It has always been a dream; making my own guitar. But being distracted by work, Atmel microprocessors (and later arduino’s, raspberry pi’s and the like) and designing in 3D, I never really got to the point of actually building my guitar. As years flew by, CNC machines got my attention; it perfectly combines mcu’s, engineering, 3D designing and my ultimate dream. So now the goal became: get yourself a CNC machine. To later find out that these machine are not at all cheap to begin with. I need to build my own CNC machine.
This article (and perhaps more in the future..) is about my journey up to the point where I am now, building my 4th machine. Every version is an upgrade of the previous one.
Version 1: the small worker.
I started out with a good internet search and found a cheap CNC machine on DealExtreme. It turned out to cheap, to expensive for what you get, inaccurate and the workarea was way too small and not capable of cutting wood at all.. So I copied the idea of construction but scaled it up a bit. I drew the design in 3D-Max for good idea of where the rails, motors and other parts should go. The working dimensions on the first: 30cm x 15cm (w x l). It had some drawbacks, some of which I was not aware of at the time. But mainly machine was not stable enough (in particular the sideways movement of the bridg) and the working dimensions where not even close to the sizes I need for my guitar. But hey, it was my first machine.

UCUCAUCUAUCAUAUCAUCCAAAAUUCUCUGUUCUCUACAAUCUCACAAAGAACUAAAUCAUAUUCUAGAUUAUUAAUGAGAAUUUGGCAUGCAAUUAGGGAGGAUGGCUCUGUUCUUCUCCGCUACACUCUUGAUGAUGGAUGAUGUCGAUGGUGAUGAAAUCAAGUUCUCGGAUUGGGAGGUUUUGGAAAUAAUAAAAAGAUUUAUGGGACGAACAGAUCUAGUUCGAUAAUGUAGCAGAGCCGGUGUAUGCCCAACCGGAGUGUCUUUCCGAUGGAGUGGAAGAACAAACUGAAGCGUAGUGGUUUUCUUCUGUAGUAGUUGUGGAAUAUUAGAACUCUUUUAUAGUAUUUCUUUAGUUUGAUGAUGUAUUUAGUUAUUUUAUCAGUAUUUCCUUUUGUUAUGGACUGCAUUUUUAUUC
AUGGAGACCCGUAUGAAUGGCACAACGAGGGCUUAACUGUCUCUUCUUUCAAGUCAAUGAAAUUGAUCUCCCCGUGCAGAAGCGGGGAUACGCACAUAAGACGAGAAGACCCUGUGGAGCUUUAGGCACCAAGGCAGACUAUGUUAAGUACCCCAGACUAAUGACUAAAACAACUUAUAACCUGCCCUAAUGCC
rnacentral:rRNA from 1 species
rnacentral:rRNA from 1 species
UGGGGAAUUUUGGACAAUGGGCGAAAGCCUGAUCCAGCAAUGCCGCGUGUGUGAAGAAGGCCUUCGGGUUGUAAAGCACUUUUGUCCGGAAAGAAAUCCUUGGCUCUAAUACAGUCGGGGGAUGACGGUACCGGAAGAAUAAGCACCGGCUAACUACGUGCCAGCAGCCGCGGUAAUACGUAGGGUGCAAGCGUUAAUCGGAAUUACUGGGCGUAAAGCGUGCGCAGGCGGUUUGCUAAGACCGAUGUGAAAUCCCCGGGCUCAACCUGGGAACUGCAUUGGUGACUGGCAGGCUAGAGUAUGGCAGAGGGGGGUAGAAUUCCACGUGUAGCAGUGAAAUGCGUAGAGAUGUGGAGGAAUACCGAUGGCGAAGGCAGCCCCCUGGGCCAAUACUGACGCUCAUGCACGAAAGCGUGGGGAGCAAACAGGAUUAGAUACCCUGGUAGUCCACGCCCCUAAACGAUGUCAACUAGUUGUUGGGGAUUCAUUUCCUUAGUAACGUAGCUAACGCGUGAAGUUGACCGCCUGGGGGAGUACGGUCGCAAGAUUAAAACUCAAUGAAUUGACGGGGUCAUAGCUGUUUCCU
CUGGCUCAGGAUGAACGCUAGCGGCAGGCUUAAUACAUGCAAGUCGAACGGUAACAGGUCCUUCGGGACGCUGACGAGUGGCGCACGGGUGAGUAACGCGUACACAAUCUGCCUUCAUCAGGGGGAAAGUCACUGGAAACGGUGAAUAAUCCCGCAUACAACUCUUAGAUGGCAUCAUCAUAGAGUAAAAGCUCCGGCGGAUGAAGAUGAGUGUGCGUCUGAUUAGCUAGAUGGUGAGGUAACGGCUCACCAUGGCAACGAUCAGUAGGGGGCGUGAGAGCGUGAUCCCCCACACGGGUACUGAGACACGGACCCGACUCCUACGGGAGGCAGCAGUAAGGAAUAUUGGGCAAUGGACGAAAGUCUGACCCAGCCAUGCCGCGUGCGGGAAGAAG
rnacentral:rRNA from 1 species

The motors are fed by drivers on protoneer’s CNC Shield for Arduino. It has a emergency button, 4 steppers (z, x and double y) and limit switches.
All rails were supported rails, bit on the heavy side, but stable. Eventually I built a case around it, to limit the dustcloud and added a vacuumcleaner to it.
The powersupply, arduino and buttons all ended up in a case. The frontpanel was actually made by the CNC! Hurray, the machine creates itself! Also, the spindle was also held by a self designed and constructed holder. And again, made by the machine!
Some specifics on why I chose some things and how I set them up:
NEMA 17 steppers:42BYGHW811-AG5.18 NEMA 17
These motors came in an affordable deal: 4 steppers for around 50 euros. And the could easily been driven by the drivers DRV8825. True: not the strongest in their league but sufficient at the time.
Cheap and easy to get drivers. The only trick was to get them adjusted to the right currentlimits. There’s not really a good guide anywhere on how to set this. This is what made it a bit of atime consuming job. In short: hook up all the gear, power up the arduino and the power for the motors. Measure between the ‘ref’pin and ground.
CAD/CAM software: Fusion360 and UGS
As my background in designing comes from Autodesk 3d MAX I was very pleased to find out they make Fusion360 which combines CAD, the CAM proces as well as generating GCODE! For sending the GCODE to the Arduino the software of Universal GCODE Sender did a pretty decent job, not to much fancy options, just run the code. Good enough. All software was running on my MacBook Pro, which was ok for then but soon it locked my computer so I could not do anything else but wait while the job was running on my machine. Hmm, had to come up with something better.
More to come…